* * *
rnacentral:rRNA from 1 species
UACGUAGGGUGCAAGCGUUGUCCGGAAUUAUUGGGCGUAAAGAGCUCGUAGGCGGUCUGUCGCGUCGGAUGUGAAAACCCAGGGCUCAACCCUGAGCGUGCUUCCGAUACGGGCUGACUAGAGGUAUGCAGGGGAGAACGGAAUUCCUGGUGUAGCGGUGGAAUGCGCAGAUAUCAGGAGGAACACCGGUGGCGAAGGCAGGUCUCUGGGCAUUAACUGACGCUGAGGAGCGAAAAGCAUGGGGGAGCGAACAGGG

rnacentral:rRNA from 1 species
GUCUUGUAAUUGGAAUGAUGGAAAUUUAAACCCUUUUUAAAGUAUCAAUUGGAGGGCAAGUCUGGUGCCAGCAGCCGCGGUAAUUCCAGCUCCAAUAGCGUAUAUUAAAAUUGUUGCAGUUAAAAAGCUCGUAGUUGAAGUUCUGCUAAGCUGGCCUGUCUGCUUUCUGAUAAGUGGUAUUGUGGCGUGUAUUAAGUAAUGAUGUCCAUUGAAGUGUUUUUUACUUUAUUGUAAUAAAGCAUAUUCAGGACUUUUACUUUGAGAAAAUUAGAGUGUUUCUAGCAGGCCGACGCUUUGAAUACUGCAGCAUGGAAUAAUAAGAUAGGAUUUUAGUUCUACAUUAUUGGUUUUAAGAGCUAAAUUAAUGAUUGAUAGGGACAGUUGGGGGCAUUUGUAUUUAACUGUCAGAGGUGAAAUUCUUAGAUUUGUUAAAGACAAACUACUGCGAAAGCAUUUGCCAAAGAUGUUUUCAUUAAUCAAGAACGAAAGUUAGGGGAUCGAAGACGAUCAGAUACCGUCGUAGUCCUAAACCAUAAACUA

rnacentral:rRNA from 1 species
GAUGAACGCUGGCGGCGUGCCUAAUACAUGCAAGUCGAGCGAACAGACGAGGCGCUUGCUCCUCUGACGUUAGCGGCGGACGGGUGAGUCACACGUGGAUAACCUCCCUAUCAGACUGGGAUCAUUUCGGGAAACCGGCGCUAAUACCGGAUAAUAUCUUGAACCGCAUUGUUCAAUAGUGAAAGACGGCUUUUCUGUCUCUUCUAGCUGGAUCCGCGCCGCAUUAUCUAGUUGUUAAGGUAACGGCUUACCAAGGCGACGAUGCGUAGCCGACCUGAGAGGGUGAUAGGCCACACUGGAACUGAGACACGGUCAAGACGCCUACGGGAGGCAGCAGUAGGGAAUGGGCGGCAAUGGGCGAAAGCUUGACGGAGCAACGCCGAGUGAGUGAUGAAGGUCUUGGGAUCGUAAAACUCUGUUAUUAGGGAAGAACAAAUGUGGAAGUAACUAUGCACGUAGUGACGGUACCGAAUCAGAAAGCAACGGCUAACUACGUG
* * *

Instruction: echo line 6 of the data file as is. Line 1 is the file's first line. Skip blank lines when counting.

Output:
GAUGAACGCUGGCGGCGUGCCUAAUACAUGCAAGUCGAGCGAACAGACGAGGCGCUUGCUCCUCUGACGUUAGCGGCGGACGGGUGAGUCACACGUGGAUAACCUCCCUAUCAGACUGGGAUCAUUUCGGGAAACCGGCGCUAAUACCGGAUAAUAUCUUGAACCGCAUUGUUCAAUAGUGAAAGACGGCUUUUCUGUCUCUUCUAGCUGGAUCCGCGCCGCAUUAUCUAGUUGUUAAGGUAACGGCUUACCAAGGCGACGAUGCGUAGCCGACCUGAGAGGGUGAUAGGCCACACUGGAACUGAGACACGGUCAAGACGCCUACGGGAGGCAGCAGUAGGGAAUGGGCGGCAAUGGGCGAAAGCUUGACGGAGCAACGCCGAGUGAGUGAUGAAGGUCUUGGGAUCGUAAAACUCUGUUAUUAGGGAAGAACAAAUGUGGAAGUAACUAUGCACGUAGUGACGGUACCGAAUCAGAAAGCAACGGCUAACUACGUG